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Words Aug. 11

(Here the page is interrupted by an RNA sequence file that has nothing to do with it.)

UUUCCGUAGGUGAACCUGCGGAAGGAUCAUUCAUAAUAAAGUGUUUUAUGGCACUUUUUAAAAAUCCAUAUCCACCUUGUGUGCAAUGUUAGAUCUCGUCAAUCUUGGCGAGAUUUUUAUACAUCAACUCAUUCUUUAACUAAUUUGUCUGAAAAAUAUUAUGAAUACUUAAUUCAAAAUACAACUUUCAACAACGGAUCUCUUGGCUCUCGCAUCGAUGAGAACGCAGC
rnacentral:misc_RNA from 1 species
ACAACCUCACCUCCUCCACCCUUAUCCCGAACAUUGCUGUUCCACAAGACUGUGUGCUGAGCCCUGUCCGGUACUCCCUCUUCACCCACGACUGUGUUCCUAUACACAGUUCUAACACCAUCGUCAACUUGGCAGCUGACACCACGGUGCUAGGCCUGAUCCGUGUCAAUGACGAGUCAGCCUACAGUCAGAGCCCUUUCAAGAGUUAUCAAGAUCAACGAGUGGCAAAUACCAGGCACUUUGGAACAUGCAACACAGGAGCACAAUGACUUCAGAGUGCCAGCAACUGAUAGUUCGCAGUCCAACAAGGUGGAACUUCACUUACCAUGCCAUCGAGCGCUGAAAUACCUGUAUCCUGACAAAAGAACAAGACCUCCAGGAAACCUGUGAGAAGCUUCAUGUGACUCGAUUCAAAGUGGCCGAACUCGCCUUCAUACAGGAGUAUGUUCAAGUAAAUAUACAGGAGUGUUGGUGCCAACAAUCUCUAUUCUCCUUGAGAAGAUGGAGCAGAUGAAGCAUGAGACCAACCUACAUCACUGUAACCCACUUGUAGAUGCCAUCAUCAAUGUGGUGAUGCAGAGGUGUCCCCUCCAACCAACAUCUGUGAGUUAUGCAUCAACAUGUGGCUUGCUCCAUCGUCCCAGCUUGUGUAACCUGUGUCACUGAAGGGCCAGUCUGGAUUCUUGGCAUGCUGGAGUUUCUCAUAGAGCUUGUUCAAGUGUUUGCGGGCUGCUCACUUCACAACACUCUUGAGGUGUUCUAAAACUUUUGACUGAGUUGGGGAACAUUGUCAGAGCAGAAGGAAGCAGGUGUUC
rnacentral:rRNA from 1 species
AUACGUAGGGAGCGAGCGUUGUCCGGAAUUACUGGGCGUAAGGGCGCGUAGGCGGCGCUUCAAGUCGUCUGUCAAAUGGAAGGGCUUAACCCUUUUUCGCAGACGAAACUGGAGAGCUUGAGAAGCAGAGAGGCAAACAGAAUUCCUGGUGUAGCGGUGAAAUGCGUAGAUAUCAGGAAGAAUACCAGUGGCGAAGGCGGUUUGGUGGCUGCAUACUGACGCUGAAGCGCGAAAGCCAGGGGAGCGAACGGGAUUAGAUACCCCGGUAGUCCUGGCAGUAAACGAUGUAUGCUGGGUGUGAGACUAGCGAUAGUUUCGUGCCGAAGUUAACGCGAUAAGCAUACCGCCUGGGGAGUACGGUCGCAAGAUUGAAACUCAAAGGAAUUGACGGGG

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In the Aug. 4 column, we quoted a classified ad: “ENGINEER, P.E. Application deadline: Aug. 6, 2005. Grade 22 — Salary is commiserate with experience.” Then we (and by we, I mean I) said, “They mean commensurate. The engineers won’t notice.” Certainly, we intended to laugh with our friends, the engineers, and not at them. Nonetheless, we received this response: “MANY engineers also did well on the SAT verbals (do they still call them that?) and on behalf of all of them, I am taking umbrage (now there’s a strange word) at your swipe at us in this week’s column. We have great, not grate, influence over vast fleets of cement trucks and earth-movers, and I shudder, not shutter, to think how difficult it would be to get in and out of the Heritage West building [home of the Arkansas Times] if a ten-foot high wall should appear overnight and surround the building, maybe even surround it on all sides! (I believe you let an opportunity slip by a few months ago when a story about some community in the Greers Ferry region revealed that it was ‘surrounded on three sides’. Now I love reading that investigative journalist’s work, but I had no idea she was an engineer!) “And anyway, in Arkansas, salary and commiserate are not disparate concepts. Maybe they meant it that way.” “Keith Jones, P.E. Executive Director/General Manager Central Arkansas Transit Authority” From Fred Keding of Pearcy: “The company writes ‘In answer to your request, we are regrettably closing your account.’ I would have used ‘regretfully.’ Your thoughts?” Errors made are regrettable (“deplorable; unfortunate”). Those who make them are, or should be, regretful (“full of regret; sorrowful”). While admitting that the theft of the presidential election was regrettable, Bush said he was not regretful because ‘If I hadn’t done it, the other guy would be president.’ ” In Mr. Keding’s example, the company probably meant regretfully, although it may have been admitting that its own action was deplorable. Most companies don’t.

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